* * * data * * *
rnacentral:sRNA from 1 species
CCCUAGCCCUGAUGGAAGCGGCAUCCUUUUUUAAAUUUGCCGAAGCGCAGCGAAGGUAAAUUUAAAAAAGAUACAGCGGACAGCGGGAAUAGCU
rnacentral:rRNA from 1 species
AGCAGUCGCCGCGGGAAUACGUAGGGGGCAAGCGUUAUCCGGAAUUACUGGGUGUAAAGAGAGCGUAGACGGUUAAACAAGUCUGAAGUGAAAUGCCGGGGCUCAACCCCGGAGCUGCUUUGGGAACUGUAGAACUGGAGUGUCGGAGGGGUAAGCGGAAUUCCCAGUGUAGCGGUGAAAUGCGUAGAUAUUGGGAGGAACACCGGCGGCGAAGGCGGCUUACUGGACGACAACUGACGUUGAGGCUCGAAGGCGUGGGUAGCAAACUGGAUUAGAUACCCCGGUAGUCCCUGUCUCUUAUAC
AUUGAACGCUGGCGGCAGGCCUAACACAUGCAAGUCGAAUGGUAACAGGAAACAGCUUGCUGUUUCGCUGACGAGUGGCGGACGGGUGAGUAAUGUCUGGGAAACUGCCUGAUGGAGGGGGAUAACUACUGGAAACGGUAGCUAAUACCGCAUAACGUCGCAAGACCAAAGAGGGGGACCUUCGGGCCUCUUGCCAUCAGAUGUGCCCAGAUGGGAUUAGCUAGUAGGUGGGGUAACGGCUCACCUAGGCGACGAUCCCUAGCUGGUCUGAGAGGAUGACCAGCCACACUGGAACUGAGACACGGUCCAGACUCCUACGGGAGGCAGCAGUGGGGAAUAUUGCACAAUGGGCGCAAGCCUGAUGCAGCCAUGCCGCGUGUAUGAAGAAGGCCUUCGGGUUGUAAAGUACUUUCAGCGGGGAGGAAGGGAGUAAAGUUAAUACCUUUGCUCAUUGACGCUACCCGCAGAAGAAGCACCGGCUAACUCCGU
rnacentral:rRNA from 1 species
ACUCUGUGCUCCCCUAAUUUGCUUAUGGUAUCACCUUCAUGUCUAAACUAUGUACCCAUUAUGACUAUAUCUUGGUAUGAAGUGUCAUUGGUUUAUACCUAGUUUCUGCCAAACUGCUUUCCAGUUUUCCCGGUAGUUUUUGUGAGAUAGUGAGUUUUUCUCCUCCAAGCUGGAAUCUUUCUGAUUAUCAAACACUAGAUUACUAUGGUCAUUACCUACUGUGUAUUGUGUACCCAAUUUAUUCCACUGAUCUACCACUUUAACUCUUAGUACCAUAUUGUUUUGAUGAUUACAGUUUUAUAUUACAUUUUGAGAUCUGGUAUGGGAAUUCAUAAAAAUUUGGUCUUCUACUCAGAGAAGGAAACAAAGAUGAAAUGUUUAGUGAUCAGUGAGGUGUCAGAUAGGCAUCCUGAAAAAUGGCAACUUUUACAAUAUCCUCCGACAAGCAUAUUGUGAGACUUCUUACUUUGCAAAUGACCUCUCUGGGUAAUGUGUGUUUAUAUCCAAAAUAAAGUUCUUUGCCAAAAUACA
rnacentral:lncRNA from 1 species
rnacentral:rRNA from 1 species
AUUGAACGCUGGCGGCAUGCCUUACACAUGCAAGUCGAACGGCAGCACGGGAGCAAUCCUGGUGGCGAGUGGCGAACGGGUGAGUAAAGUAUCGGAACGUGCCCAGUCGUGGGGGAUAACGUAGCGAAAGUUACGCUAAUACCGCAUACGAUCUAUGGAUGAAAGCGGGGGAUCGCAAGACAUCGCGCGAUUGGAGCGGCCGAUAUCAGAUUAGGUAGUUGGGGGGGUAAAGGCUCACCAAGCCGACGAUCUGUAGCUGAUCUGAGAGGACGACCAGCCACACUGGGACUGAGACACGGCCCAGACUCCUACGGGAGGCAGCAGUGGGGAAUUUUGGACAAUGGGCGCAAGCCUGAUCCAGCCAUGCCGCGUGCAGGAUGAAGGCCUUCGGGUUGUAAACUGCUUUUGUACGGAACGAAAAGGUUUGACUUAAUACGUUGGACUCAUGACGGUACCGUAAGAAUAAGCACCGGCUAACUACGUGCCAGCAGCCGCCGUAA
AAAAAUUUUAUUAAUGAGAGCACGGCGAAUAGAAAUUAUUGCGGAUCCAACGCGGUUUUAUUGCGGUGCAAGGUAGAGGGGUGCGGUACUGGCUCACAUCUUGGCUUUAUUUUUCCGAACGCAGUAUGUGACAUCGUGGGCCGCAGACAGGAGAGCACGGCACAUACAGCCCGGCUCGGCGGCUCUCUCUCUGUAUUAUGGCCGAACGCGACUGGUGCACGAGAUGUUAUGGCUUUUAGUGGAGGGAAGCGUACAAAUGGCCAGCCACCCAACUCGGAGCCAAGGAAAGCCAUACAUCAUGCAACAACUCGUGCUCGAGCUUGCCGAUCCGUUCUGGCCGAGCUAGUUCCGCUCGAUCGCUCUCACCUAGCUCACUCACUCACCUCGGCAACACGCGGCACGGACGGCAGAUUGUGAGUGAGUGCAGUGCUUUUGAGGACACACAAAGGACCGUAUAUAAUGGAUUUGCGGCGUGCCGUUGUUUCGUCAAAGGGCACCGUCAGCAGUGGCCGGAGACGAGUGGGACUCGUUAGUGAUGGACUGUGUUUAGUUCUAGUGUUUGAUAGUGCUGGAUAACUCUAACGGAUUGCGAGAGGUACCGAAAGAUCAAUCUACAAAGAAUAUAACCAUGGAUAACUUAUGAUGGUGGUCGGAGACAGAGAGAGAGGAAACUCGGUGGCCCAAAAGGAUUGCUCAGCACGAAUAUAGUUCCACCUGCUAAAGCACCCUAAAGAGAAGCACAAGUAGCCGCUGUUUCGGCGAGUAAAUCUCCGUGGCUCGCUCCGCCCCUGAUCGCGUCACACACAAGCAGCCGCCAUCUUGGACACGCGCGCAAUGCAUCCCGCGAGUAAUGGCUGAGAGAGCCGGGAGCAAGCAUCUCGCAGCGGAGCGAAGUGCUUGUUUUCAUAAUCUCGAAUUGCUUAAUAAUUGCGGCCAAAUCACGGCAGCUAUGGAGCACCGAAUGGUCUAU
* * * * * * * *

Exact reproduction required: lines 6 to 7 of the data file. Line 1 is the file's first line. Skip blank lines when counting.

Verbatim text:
rnacentral:rRNA from 1 species
ACUCUGUGCUCCCCUAAUUUGCUUAUGGUAUCACCUUCAUGUCUAAACUAUGUACCCAUUAUGACUAUAUCUUGGUAUGAAGUGUCAUUGGUUUAUACCUAGUUUCUGCCAAACUGCUUUCCAGUUUUCCCGGUAGUUUUUGUGAGAUAGUGAGUUUUUCUCCUCCAAGCUGGAAUCUUUCUGAUUAUCAAACACUAGAUUACUAUGGUCAUUACCUACUGUGUAUUGUGUACCCAAUUUAUUCCACUGAUCUACCACUUUAACUCUUAGUACCAUAUUGUUUUGAUGAUUACAGUUUUAUAUUACAUUUUGAGAUCUGGUAUGGGAAUUCAUAAAAAUUUGGUCUUCUACUCAGAGAAGGAAACAAAGAUGAAAUGUUUAGUGAUCAGUGAGGUGUCAGAUAGGCAUCCUGAAAAAUGGCAACUUUUACAAUAUCCUCCGACAAGCAUAUUGUGAGACUUCUUACUUUGCAAAUGACCUCUCUGGGUAAUGUGUGUUUAUAUCCAAAAUAAAGUUCUUUGCCAAAAUACA